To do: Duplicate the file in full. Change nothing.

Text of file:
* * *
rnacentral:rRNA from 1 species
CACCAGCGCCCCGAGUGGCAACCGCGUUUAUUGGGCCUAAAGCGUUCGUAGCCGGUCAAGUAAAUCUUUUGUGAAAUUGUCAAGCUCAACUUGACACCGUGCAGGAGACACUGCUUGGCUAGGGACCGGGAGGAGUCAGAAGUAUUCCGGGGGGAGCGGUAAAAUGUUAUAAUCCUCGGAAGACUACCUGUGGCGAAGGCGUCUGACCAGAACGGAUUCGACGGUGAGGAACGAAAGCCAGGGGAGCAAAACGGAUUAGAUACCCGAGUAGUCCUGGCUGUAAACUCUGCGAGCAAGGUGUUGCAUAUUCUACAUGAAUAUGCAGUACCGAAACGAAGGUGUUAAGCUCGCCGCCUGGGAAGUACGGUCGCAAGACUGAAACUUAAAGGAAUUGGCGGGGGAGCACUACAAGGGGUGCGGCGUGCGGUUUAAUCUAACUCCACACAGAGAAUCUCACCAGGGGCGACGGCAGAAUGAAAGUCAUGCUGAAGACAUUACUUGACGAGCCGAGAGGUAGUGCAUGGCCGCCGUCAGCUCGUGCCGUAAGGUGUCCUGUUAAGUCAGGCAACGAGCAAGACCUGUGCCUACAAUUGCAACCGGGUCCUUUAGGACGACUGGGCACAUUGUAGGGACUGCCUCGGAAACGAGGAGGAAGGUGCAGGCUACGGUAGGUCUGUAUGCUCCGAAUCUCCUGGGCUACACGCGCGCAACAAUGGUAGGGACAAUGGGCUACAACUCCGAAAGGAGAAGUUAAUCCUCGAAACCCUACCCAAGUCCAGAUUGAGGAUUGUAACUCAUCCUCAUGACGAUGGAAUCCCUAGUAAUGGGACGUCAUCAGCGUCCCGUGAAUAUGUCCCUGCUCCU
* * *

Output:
rnacentral:rRNA from 1 species
CACCAGCGCCCCGAGUGGCAACCGCGUUUAUUGGGCCUAAAGCGUUCGUAGCCGGUCAAGUAAAUCUUUUGUGAAAUUGUCAAGCUCAACUUGACACCGUGCAGGAGACACUGCUUGGCUAGGGACCGGGAGGAGUCAGAAGUAUUCCGGGGGGAGCGGUAAAAUGUUAUAAUCCUCGGAAGACUACCUGUGGCGAAGGCGUCUGACCAGAACGGAUUCGACGGUGAGGAACGAAAGCCAGGGGAGCAAAACGGAUUAGAUACCCGAGUAGUCCUGGCUGUAAACUCUGCGAGCAAGGUGUUGCAUAUUCUACAUGAAUAUGCAGUACCGAAACGAAGGUGUUAAGCUCGCCGCCUGGGAAGUACGGUCGCAAGACUGAAACUUAAAGGAAUUGGCGGGGGAGCACUACAAGGGGUGCGGCGUGCGGUUUAAUCUAACUCCACACAGAGAAUCUCACCAGGGGCGACGGCAGAAUGAAAGUCAUGCUGAAGACAUUACUUGACGAGCCGAGAGGUAGUGCAUGGCCGCCGUCAGCUCGUGCCGUAAGGUGUCCUGUUAAGUCAGGCAACGAGCAAGACCUGUGCCUACAAUUGCAACCGGGUCCUUUAGGACGACUGGGCACAUUGUAGGGACUGCCUCGGAAACGAGGAGGAAGGUGCAGGCUACGGUAGGUCUGUAUGCUCCGAAUCUCCUGGGCUACACGCGCGCAACAAUGGUAGGGACAAUGGGCUACAACUCCGAAAGGAGAAGUUAAUCCUCGAAACCCUACCCAAGUCCAGAUUGAGGAUUGUAACUCAUCCUCAUGACGAUGGAAUCCCUAGUAAUGGGACGUCAUCAGCGUCCCGUGAAUAUGUCCCUGCUCCU